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‘Mervyn King made clear regulators had lost confidence in Diamond’

Bob Diamond TSC 480

Bob Diamond resigned as Barclays chief executive after Mervyn King called the bank’s chairman Marcus Agius to a meeting and told him Diamond no longer had the support of the FSA.

Diamond (pictured) quit as chief executive last Tuesday. Giving evidence to the Treasury select committee this morning, Barclays chairman Marcus Agius said that he and senior non-executive director Sir Michael Rake were called to meet BoE governor Mervyn King the night before.

He said: “It was made very plain to us that Bob Diamond no longer enjoyed the support of his regulators, the Governor was very clear to say he had no power to direct us but he felt this was sufficiently important, as it was, for us to be told in absolute terms what the situation was.”

Agius told MPs that he thought this was a shock because when on the Wednesday before, Barclays released details of its £290m settlement with the FSA and two US authorities admitting that the bank had attempted to manipulate its Libor submissions the FSA had said nothing about the suitability of Diamond or any other senior management.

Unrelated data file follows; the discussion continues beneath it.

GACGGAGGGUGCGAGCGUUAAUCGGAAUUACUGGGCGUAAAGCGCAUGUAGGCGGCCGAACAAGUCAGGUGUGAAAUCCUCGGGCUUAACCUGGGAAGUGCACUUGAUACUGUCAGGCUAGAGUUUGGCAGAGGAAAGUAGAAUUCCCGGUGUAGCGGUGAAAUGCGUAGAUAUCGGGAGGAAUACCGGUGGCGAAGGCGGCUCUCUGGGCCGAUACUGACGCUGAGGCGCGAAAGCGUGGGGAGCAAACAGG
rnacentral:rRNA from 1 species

Agius said: “Clearly what had happened was that the public outcry had been far greater than we had thought, my own resignation which I had sought to offer to alleviate some of the pressure was inadequate and clearly the regulators decided more is necessary.”

Agius was reinstated as chairman after Diamond’s departure.

TSC chair Andrew Tyrie said: “What you have described is direct exercise of considerable regulatory authority. Effectively for a brief while the taking over of the top of Barclays’ management structure by the Bank of England.”

Giving his evidence last week, Diamond refused to say whether regulators were behind his decision to quit.


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There are 2 comments at the moment, we would love to hear your opinion too.

  1. I have severe reservations over some of the implications behind this article.